For a girl with heavy periods and excruciating stomach cramps it still seems like such an uphill battle to get the recognition or support she needs in an accessible and simple manner.

Not only does it seem that women have been conditioned to believe periods mean a lot of pain or that menopause should be awful but it feels like society has, for such a long time, conditioned women – especially those later in life – to put themselves as the last priority.

Sarah feels that this is particularly common among menopausal women.

They’ve got busy careers, families, possibly caring for elderly parents and other relatives as well. There is absolutely this sense that women are supposed to put themselves last. It’s ingrained in us to just crack on and minimise our own experience.

When women do eventually go to the doctor, things are really bad. They’ve got to a point where they’ve have gone ‘Okay, I can’t cope with this anymore and finally have to do something’. Then to have a doctor say it’s not that bad, or you’re exaggerating, that has a massive impact.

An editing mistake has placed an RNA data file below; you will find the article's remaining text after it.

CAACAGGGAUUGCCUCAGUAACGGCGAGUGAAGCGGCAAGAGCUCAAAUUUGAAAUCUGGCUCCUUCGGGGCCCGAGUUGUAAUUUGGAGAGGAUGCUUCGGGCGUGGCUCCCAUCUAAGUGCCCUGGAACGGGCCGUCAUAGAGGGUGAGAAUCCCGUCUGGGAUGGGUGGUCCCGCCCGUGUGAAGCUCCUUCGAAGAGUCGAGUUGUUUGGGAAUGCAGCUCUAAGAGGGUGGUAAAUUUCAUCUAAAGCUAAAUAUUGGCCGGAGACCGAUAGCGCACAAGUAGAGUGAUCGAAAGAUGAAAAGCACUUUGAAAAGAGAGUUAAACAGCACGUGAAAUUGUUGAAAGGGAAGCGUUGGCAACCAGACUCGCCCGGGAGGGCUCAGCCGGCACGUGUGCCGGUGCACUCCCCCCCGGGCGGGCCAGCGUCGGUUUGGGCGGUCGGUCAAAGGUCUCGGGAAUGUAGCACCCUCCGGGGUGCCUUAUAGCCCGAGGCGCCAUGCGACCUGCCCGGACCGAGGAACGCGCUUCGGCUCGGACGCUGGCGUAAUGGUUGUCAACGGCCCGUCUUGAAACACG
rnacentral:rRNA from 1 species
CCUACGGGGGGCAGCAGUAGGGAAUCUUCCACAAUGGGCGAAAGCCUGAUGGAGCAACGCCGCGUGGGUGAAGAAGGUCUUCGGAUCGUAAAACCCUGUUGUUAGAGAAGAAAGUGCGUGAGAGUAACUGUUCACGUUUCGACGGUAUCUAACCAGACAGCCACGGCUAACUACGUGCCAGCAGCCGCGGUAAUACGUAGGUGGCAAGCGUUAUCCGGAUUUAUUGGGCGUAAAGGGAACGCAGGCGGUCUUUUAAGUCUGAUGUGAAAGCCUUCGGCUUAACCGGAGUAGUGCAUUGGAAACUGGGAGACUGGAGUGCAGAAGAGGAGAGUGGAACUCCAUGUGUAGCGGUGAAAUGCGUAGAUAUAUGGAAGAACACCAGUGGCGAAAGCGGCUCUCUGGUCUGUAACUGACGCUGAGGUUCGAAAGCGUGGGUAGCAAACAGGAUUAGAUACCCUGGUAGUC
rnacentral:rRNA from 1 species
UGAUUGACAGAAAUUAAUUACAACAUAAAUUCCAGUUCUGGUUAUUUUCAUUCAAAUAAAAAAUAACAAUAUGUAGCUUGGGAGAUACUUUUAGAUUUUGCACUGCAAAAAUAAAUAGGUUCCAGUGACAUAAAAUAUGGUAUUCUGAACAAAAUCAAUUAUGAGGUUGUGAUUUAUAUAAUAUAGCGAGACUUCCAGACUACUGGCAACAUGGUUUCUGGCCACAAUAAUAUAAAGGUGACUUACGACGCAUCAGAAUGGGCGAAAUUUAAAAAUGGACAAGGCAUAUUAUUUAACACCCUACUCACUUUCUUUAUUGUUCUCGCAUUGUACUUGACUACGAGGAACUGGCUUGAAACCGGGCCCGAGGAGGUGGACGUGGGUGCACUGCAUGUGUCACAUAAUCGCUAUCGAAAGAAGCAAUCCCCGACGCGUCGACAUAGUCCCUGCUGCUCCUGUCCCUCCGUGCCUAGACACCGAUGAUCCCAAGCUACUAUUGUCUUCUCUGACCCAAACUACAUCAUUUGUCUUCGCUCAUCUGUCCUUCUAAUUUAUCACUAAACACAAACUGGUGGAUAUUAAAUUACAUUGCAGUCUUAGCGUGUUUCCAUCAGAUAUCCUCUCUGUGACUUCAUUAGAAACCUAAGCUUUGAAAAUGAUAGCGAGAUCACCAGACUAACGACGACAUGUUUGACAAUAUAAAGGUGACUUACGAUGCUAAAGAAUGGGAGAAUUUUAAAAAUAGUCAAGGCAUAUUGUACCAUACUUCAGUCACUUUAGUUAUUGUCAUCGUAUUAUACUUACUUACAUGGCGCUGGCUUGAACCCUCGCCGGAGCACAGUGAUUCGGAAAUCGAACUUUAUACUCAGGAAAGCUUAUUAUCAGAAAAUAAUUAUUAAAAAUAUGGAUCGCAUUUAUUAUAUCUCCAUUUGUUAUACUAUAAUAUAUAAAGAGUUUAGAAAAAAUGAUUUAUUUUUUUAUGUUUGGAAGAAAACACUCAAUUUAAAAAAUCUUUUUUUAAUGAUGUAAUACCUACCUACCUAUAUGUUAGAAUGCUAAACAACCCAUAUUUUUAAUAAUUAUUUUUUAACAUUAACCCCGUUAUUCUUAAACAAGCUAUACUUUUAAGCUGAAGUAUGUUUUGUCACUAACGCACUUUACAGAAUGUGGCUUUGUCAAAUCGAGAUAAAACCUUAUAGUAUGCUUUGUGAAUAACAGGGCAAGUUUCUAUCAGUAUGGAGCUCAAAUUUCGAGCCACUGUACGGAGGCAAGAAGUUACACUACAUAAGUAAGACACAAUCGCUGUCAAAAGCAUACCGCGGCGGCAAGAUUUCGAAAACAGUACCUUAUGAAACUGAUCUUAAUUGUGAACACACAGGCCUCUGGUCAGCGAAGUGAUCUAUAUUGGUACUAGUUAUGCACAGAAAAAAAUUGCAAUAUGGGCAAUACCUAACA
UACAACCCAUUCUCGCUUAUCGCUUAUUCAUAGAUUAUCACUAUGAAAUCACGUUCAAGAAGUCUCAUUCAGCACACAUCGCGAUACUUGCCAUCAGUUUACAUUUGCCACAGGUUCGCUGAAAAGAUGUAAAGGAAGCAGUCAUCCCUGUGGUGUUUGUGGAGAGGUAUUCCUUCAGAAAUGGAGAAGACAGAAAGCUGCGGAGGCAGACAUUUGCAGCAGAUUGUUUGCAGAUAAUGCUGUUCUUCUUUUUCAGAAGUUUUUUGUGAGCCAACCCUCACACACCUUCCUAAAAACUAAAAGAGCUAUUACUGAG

To then still be dismissed sets her back a step and she questions why she thought it was important in the first place. It’s a vicious cycle.

One of the main elements that contribute to this issue is the state of medical knowledge and understanding. Sarah acknowledges how complex the problem is and that there are many solutions that are all multi-layered.

However if research did receive more funding it could fill some of the gaps that exist due to lack of medical training.

Of course in the current post-pandemic climate the healthcare system is under an immense amount of pressure, so tackling issues such as funding and research is harder than probably it’s even been before. But it feels imperative to continue to push for it, it’s an issue affecting 51% of the population.

Considering over half of us will need this care, the conversations don’t seem to be proportionate to how impactful the topic is.

Sarah says:

Issues like empathy and having the time to listen to your patients, a lot of that comes down to workforce pressures and capacity, meaning they have to rely on stereotypes. So I think funding for resources and workforce to ensure we have enough staff to run healthcare services and retaining those staff, because conditions are good enough, is important.